This is basically a piece of fluff in a gorgeous setting.  All the actors do well with comedy and the film goes down easily.


Rocket Attack U.S.A. (1961)

Rocket Attack U.S.A.  
Directed by Barry Mahon
Exploit Films
First viewing/YouTube


Tannah: Last month I became the mistress of the secretary of defense. When the pig gets drunk, he talks.

John Manston: What a setup!

How you make a movie about impending atomic devastation this boring is beyond me.

An American spy tries to find out what information has been developed from the Sputnik satellite.  It turns out the Soviets now have an intercontinental ballistic missile at their disposal and its launch date is imminent.

To be honest, this movie lost me from the first frame and the above plot summary is all I can really remember of it.  The film has no redeeming qualities.  Give it a miss.




Divorce Italian Style (1961)

Divorce Italian Style (Divorzio all’italiana)
Directed by Pietro Germi
Written by Ennio De Concini, Pietro Germi, and Alfredo Giannetti
Lux Film/Vides Cinematografica/Galatea Film
Repeat viewing/Netflix rental
One of 1001 Movies You Must See Before You Die

Divorce: a resumption of diplomatic relations and rectification of boundaries. Ambrose Bierce

I have an unrequited love affair with Marcello Mastroianni and consider this to be the peak of his acting career.  I just love this movie!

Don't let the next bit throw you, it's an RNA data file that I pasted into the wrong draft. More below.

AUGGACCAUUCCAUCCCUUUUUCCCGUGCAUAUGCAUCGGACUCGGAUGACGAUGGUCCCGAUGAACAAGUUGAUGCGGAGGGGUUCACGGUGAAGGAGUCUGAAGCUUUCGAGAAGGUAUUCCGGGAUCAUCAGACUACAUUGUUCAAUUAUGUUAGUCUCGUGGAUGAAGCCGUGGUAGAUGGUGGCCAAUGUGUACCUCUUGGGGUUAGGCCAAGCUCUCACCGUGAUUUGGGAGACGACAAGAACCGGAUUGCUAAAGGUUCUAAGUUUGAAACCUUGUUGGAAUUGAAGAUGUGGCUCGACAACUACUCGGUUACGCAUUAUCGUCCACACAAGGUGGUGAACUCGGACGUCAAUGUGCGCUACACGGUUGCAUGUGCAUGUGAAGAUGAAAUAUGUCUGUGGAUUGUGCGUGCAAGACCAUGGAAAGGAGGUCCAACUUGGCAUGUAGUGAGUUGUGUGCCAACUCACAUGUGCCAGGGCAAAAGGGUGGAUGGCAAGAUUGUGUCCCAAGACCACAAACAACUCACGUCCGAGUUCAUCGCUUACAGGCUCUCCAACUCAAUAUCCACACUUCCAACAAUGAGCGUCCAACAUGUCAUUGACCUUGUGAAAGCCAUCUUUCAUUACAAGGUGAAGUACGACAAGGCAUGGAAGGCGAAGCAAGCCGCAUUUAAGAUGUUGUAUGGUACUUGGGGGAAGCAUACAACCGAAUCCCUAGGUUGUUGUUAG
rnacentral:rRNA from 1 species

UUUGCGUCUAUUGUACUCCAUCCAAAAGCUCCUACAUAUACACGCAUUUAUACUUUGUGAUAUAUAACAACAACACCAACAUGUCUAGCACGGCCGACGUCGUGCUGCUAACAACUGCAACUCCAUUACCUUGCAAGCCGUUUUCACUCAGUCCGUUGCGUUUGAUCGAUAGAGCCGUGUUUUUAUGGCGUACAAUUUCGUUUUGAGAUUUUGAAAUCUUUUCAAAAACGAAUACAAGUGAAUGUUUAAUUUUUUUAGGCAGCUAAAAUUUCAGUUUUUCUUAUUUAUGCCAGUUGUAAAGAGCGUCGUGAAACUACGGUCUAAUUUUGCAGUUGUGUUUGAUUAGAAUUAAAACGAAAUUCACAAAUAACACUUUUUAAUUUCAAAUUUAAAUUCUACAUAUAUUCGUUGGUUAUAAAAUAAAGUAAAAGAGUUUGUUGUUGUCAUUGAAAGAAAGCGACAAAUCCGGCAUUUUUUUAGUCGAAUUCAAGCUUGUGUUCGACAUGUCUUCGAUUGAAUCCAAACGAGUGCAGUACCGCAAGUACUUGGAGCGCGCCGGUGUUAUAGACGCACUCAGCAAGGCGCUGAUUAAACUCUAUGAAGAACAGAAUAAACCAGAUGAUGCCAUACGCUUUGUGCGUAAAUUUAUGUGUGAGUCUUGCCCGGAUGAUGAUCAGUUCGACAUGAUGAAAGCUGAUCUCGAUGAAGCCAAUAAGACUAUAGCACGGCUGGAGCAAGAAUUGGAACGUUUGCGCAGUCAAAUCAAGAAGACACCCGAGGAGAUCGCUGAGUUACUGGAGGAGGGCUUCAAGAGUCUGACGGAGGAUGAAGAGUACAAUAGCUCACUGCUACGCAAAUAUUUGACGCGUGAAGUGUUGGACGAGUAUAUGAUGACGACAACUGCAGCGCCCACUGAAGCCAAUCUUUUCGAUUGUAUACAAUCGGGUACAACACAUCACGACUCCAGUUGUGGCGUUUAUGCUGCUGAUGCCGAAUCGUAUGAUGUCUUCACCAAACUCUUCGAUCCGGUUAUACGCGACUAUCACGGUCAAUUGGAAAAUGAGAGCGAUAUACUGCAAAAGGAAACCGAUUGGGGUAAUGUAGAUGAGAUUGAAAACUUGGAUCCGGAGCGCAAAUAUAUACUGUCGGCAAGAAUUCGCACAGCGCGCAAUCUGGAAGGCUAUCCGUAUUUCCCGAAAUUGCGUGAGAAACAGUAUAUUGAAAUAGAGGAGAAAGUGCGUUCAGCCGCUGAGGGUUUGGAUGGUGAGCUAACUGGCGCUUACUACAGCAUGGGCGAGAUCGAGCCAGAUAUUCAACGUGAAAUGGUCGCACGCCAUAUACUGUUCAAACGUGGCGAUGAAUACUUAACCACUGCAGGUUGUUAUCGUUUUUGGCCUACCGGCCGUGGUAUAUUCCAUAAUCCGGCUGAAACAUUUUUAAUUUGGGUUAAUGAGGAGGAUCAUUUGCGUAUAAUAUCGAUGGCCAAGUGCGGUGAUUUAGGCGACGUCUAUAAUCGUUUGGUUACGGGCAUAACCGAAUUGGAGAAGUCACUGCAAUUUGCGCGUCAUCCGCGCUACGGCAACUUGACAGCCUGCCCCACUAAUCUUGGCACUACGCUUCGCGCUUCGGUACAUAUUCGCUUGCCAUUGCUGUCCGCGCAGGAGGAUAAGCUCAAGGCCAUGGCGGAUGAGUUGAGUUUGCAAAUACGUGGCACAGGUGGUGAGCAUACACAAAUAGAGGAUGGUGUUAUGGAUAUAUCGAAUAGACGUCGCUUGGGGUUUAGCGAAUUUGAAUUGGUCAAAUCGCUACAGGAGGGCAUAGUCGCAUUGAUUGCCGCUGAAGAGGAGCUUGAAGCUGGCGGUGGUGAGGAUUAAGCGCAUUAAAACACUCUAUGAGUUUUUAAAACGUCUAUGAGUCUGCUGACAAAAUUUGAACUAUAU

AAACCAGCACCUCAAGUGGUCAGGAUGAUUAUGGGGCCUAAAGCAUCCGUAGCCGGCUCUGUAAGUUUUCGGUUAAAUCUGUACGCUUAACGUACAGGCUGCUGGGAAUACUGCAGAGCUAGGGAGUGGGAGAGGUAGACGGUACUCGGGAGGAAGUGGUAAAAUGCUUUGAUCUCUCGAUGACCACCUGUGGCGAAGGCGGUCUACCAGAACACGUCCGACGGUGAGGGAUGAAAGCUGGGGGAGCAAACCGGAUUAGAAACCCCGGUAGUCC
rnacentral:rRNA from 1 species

Fernando Cefalú (Mastroianni) is the first son in an impoverished aristocratic family.  Things have gotten so bad that Fernando’s father has had to resort to housing his brother and family.  This puts temptation in Fernando’s way in the shape of his shapely 16-year-old first cousin Angela.  She reciprocates his affection in an infatuated teenager sort of way,

Fernando is burdened by the existence of his relentlessly cheerful and clinging wife, Rosalia (Daniela Rocca).  The domestic and attentive Rosalia might be the perfect wife if it were not for her little mustache and her constant pestering for demonstrations of love.  Fernando finds her unbearable and the audience can see why.

Then Fernando gets an idea.  Divorce is out at this time in Italy but crimes of honor are lightly punished in Sicily.  What he needs to do is find a chump foolish enough to fall for Rosalia and catch them en flagrante.  This is both easier and more difficult than it might seem.